Historic Heart of Perth
Updated: 1 day ago
It was a cloudy wet start to our walk celebrating the launch of the Historic Heart of Perth app. Historic Heart of Perth is a non-profit organisation established with the aim of revitalising Perth's east end and promoting it's great assets. The timing is right to promote this area as it provides an easy and interesting 35 minute walk (without stopping) between the city and the new Optus Stadium utilising the brand new Matagarup Bridge to cross the Swan River.
The Historic Heart of Perth app provides 5 self guided, flexible themed walks covering Architecture, Art, Coffee, Small Museums and two Stadium walks - one to get you there and one for the way home! The app includes interactive maps, brochures, printable maps and directions for the walk including facts and figures about all the interesting buildings, artworks and places you pass on the way. You can choose how you interact with the app:
using it as a quick guide to places of interest or to delve deeper into the history and background by reading the information provided on each location.
We didn't follow a specific itinerary but ambled through the city for two hours taking in a range of different places, stopping to hear some background information from our Two Feet and A Heartbeat guide, Ryan.
After catching a train into the City we did a quick walk through the newly opened Raine Square shopping centre before heading to Yagan Square for an excellent coffee before setting out through the 140 William Street laneway into Forrest Chase, across Murray Street and up another laneway into the Plaza Arcade. Emerging onto Hay Street we stopped to look up at the imposing Art Deco facade of the Plaza Theatre. Right next door is the Savoy Hotel, another amazing heritage listed building which lies vacant and derelict inside but presents a fantastic facade which goes mostly unnoticed by the busy people rushing along the Hay Street shopping mall.
From here we went to the Town Hall which will celebrate it's 150th anniversary in 2020. We walked under the gothic arches which used to house the camels used for transportation. We then wandered across and through the beautifully restored State Buildings and into Cathedral Square with the magnificent St George's Cathedral. The history of this area is incredible and it makes one appreciate that so much effort has gone into restoring and revitalising this area. The State Buildings used to house the first Post Office and you can see Point Zero outside on the pavement. This is the point from which all distances are measured in relation to Perth. This time looking down helps you notice points of interest.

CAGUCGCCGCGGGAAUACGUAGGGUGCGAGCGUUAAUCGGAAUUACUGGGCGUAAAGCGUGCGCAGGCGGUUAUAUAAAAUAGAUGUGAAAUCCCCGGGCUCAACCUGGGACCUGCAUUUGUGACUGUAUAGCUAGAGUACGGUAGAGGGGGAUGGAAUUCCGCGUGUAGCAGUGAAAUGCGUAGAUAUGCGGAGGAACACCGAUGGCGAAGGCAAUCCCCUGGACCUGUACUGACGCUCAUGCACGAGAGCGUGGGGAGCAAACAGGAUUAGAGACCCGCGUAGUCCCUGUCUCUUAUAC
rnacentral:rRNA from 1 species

Wandering past the Perth City Library we vowed to return another day to explore the children's floors and the tree of knowledge. Another look up revealed the art deco facade of the Criterion Hotel before continuing on to discover the area around the new Westin Hotel which has incorporated the renovated Hibernian Hall. We approached the beautifully renovated No 1 Fire Station from the rear and then caught sight of the heritage listed Moreton Bay fig in the Perth Hospital Precinct.
Further on to Victoria Square to see the many different faces of St Mary's Cathedral which has undergone many renovations over the years. Other buildings around Victoria Square tell their own heritage stories including the tiny chapel attached to Mercedes College.
After using the eyejack app along the way to experience various Augmented Reality Art on the Activated Art Walk we also noted other art installations ranging from the obvious to the subtle. These are the things you often miss driving or rushing by. It is amazing what you discover strolling along and taking notice of your surroundings. As we walked past the WACA many of use took videos using the interactive art mural. Wander through beautiful Queens Garden to see the Peter Pan Statue.
We rounded Gloucester Park, which apparently often opens it's gates to allow people to shortcut through on the way to Matagarup Bridge. Today however we had to walk around and past Trinity College. We caught our first glimpses of the spectacular Matagarup_Bridge. The highest point is apparently higher than the Stadium roof. The stadium came into view and even on an overcast day it is a spectacular sight across the river. Whilst the landscaping and part of the Matagarup bridge still requires some finishing touches you can see what an amazing structure it is. As you cross you can see the stairs leading up the arches and once the construction is complete these will be open for the public to climb.
We had a quick peek inside the massive Optus Stadium before walking around to the train station to catch a train back to Perth (check timetables as trains only operate when events are being held at the Stadium). As an alternative if you are undertaking this walk on a non-event day you can get a free CAT bus back to the CBD, or walk back taking a different route. There are also plenty of amazing playgrounds around the Stadium if you have the time.
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In the spirit of reconciliation Out and About- Family Nature Connection acknowledges the traditional owners of the Wadjak boodjar (Perth land) and their connections to land, sea and community. We pay our respect to their elders past and present and emerging and extend that respect to all Aboriginal and Torres Strait Islander peoples today.